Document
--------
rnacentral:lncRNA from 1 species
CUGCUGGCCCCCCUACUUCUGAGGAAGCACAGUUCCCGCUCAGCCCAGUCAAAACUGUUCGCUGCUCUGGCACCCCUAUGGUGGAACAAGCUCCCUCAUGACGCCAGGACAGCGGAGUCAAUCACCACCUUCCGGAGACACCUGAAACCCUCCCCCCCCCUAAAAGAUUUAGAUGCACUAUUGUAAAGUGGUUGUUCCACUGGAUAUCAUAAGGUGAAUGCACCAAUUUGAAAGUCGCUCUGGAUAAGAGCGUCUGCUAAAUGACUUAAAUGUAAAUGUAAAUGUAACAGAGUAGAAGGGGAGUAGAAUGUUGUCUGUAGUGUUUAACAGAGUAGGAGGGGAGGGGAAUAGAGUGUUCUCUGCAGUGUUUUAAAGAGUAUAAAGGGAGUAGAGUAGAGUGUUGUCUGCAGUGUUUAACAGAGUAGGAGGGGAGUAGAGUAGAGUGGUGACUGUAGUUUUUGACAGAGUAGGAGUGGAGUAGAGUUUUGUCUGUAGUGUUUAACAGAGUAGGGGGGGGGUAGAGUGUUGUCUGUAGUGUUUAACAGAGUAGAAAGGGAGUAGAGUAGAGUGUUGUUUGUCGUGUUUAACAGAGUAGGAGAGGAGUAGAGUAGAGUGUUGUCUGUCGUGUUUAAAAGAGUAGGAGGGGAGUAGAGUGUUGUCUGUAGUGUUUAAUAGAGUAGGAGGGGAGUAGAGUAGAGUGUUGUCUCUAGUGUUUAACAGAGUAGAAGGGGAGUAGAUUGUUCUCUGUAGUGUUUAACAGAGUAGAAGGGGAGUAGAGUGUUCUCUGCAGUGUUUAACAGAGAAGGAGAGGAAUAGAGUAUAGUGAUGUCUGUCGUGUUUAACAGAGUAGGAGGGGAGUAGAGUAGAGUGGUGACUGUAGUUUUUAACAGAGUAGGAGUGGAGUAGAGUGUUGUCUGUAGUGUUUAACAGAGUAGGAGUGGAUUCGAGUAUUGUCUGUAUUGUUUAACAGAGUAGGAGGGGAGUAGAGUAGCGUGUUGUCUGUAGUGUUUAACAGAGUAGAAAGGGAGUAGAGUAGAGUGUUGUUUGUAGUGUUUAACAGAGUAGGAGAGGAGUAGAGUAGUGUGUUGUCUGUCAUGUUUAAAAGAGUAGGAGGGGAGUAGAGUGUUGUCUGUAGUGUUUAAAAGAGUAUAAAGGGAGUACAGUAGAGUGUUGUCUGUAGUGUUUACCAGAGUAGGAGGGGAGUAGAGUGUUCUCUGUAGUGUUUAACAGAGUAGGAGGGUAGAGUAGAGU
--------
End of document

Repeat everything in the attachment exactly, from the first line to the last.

rnacentral:lncRNA from 1 species
CUGCUGGCCCCCCUACUUCUGAGGAAGCACAGUUCCCGCUCAGCCCAGUCAAAACUGUUCGCUGCUCUGGCACCCCUAUGGUGGAACAAGCUCCCUCAUGACGCCAGGACAGCGGAGUCAAUCACCACCUUCCGGAGACACCUGAAACCCUCCCCCCCCCUAAAAGAUUUAGAUGCACUAUUGUAAAGUGGUUGUUCCACUGGAUAUCAUAAGGUGAAUGCACCAAUUUGAAAGUCGCUCUGGAUAAGAGCGUCUGCUAAAUGACUUAAAUGUAAAUGUAAAUGUAACAGAGUAGAAGGGGAGUAGAAUGUUGUCUGUAGUGUUUAACAGAGUAGGAGGGGAGGGGAAUAGAGUGUUCUCUGCAGUGUUUUAAAGAGUAUAAAGGGAGUAGAGUAGAGUGUUGUCUGCAGUGUUUAACAGAGUAGGAGGGGAGUAGAGUAGAGUGGUGACUGUAGUUUUUGACAGAGUAGGAGUGGAGUAGAGUUUUGUCUGUAGUGUUUAACAGAGUAGGGGGGGGGUAGAGUGUUGUCUGUAGUGUUUAACAGAGUAGAAAGGGAGUAGAGUAGAGUGUUGUUUGUCGUGUUUAACAGAGUAGGAGAGGAGUAGAGUAGAGUGUUGUCUGUCGUGUUUAAAAGAGUAGGAGGGGAGUAGAGUGUUGUCUGUAGUGUUUAAUAGAGUAGGAGGGGAGUAGAGUAGAGUGUUGUCUCUAGUGUUUAACAGAGUAGAAGGGGAGUAGAUUGUUCUCUGUAGUGUUUAACAGAGUAGAAGGGGAGUAGAGUGUUCUCUGCAGUGUUUAACAGAGAAGGAGAGGAAUAGAGUAUAGUGAUGUCUGUCGUGUUUAACAGAGUAGGAGGGGAGUAGAGUAGAGUGGUGACUGUAGUUUUUAACAGAGUAGGAGUGGAGUAGAGUGUUGUCUGUAGUGUUUAACAGAGUAGGAGUGGAUUCGAGUAUUGUCUGUAUUGUUUAACAGAGUAGGAGGGGAGUAGAGUAGCGUGUUGUCUGUAGUGUUUAACAGAGUAGAAAGGGAGUAGAGUAGAGUGUUGUUUGUAGUGUUUAACAGAGUAGGAGAGGAGUAGAGUAGUGUGUUGUCUGUCAUGUUUAAAAGAGUAGGAGGGGAGUAGAGUGUUGUCUGUAGUGUUUAAAAGAGUAUAAAGGGAGUACAGUAGAGUGUUGUCUGUAGUGUUUACCAGAGUAGGAGGGGAGUAGAGUGUUCUCUGUAGUGUUUAACAGAGUAGGAGGGUAGAGUAGAGU